Study Links Drinking and Accidents

By LINDSEY TANNER, AP Medical Writer

CHICAGO (AP) - People who began drinking while underage are up to three times more likely to get hurt in car crashes and other alcohol-related accidents than those who started at 21 or older, a study found.

The national survey of 42,862 adults offers another sobering argument against underage drinking.

``Parents don't appreciate that alcohol is the No. 1 drug of abuse of kids,'' said Dr. Mary Dufour, deputy director of the National Institute on Alcohol Abuse and Alcoholism. ``They say, `Well, he's only drinking.' This is yet another reason why they need to pay attention and why kids need to pay attention.''

The findings appear in Wednesday's Journal of the American Medical Association.

Boston University researcher Ralph Hingson and colleagues examined data from a 1992 NIAAA survey of randomly selected adults age 44 on average. About half said they had started drinking before age 21.

Accidental alcohol-related injuries were more common in youth as well as in adulthood among people who started drinking before age 21. The accidents included car crashes, burns and serious cuts.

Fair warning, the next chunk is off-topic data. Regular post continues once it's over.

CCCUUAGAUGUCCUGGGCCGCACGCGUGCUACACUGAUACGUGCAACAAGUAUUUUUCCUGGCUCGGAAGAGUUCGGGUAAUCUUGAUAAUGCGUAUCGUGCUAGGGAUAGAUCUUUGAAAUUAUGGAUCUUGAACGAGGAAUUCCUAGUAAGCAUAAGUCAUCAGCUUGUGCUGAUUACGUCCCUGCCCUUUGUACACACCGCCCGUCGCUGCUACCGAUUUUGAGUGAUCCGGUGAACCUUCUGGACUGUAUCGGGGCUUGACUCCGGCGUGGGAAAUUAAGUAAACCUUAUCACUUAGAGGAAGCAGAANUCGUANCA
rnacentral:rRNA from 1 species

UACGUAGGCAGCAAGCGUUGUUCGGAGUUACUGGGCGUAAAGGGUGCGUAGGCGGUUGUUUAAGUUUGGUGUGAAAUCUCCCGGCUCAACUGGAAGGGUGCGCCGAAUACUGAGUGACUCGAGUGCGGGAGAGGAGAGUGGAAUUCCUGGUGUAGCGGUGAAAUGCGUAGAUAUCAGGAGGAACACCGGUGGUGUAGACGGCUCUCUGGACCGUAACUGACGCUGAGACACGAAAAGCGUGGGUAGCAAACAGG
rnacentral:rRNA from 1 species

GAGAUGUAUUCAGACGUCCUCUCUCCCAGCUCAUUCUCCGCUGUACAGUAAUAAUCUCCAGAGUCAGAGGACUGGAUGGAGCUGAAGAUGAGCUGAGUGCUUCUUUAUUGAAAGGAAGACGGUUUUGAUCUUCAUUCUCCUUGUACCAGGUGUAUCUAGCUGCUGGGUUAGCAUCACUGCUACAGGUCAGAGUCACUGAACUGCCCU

The researchers theorized that people who start drinking at young ages ``may be less fearful of injury and situations that pose risk of injury.'' They may even derive pleasure from taking such risks, the authors said.

Car accidents and other unintentional injuries are the leading cause of death for adolescents and young adults.

Others studies have shown that underage drinkers are more likely to become alcoholics.

Dr. Henry Kranzler, a psychiatry professor at the University of Connecticut, said the findings fall in line with previous research suggesting that early-onset alcoholism differs from the disease in older people and is associated with more psychiatric, legal and antisocial problems.

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